By LAUREN CLOSS
In 2007, Doug Sanford, a professor of historical preservation at the University of Mary Washington, began a two-year project funded by the National Endowment for the Humanities Collaborative Research grant. Along with his colleague Dennis Pogue, a professor at the University of Maryland, Sanford researched and documented 30 former slave residences in Virginia. Since then, the pair has continued their efforts throughout the summers and during the school year with the help of historic preservation majors.
“African American archaeology is a long-term research interest of mine,” Sanford said. “On archaeological sites, we would often encounter evidence of buildings so it just made perfect sense to start studying surviving slave buildings so that we could compare those to what we were seeing archaeologically. My colleague and I have continued to do this and become more organized about it, to both gather this information and to share it with other people, make it available to other researchers, but also as a way to encourage awareness of these buildings and see that they’re talked about and that the issues of slavery are talked about.”
Professor Sanford is currently teaching a slave housing course that made four expeditions to slave dwellings this semester.
“It’s a lot of fun,” said Madeline Fanta, a senior history major and member of the class. “You get to take pictures, you have to make a floor plan, we measure the building and figure out how big it is- interior, exterior, upstairs, downstairs- and we also fill out a survey form which sort of details the details of the building.”
In addition, the types of nails, tool marks and construction techniques are accessed to date the building. Sanford and Pogue also previously used dendrochronology, tree ring dating, to pin down the specific year a dwelling was built.
These results and measurements are then published on vaslavehousing.org. According to the site, the purpose of the project is to “compile information on the domestic architecture of slavery in Virginia. We gather information from archaeological sites, period documents such as census and tax records and surviving buildings in rural and urban settings. Beyond facilitating scholarly research, we encourage public awareness and preservation of slave-related buildings, many of which are in danger of being lost due to neglect or purposeful demolition.”
Busloads of students have traveled to buildings several hours away. Earlier in the semester, students made trips to Pittsylvania County and outside Lexington.
“If you look at the study of slave buildings in Virginia, most of the effort has been placed in Eastern Virginia,” Sanford said. “We’re purposefully looking at other parts of the state that have been less studied, for instance the Shenandoah Valley, or South-Central Virginia.”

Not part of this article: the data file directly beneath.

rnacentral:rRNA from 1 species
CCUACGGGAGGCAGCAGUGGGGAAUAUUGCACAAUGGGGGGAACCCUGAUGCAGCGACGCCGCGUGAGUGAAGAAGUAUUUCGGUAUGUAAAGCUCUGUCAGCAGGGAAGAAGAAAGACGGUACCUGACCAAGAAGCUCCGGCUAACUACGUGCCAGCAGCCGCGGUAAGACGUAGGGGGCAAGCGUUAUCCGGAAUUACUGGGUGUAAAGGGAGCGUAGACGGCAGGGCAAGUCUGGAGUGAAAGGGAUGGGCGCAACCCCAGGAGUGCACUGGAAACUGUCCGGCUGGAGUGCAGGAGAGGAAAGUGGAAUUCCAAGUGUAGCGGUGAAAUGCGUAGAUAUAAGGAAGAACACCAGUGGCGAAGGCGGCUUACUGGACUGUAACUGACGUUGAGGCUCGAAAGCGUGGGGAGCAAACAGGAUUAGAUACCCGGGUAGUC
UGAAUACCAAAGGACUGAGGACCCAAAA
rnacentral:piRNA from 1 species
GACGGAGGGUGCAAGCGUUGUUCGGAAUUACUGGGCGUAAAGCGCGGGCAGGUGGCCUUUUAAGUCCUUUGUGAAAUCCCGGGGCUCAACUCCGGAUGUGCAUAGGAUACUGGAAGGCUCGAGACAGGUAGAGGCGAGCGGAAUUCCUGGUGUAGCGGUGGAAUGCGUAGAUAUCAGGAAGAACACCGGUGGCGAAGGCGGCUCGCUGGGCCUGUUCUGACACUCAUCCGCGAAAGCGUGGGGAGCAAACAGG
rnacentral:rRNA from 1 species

The buildings are put on their radar by private landowners, historical societies or preservations groups, previous small-scale architectural surveys or just people in the community with an interest in historic buildings or issues of slavery. They are often helpful in providing some past “historic documents, maps or personal accounts from the plantation owner” that aid in identification of slave dwellings, according to Sanford.
“There are also fire insurance policies that included slave buildings in some cases,” Sanford said. “One of the things we use is the US census in 1860, [which] asked all slave owners how many slave houses they had.”
One challenge associated with documenting surviving historical buildings is determining what has been replaced because if they are still standing it is likely they were used or updated after the civil war.
“We have to become housing detectives to determine what survived from the period of slavery and what came later,” Sanford said. “It’s good training for the students to learn how to recognize different periods of construction and what were the different uses of a building, but then to ultimately get back and say okay here’s what we think the building looked like when it was used as a slave quarter.”
Unfortunately, there are many more slave houses in Virginia than are possible to document before they deteriorate further.
“The reason we’re doing this is because you see all of the buildings that have survived that belonged to the people that owned the slaves, but unfortunately slave buildings were not built to last,” Fanta said. “They were typically made of wood, so that’s why we want to focus on protecting those because they are falling down and the ones we have left- it’s incredible that they’re still standing.”
The ongoing project will be continued by Sanford and Pogue this summer in Shenandoah County, and hopefully next semester in other parts of Virginia. The involvement of students not only provides the man-hours needed to document buildings that would otherwise be accessible only from archaeology, but also the education and experience for their future occupations.
“Right now, we are learning how to identify and protect buildings and archaeological sites and artifacts,” Fanta said. “We’re learning how to make a greater impact.”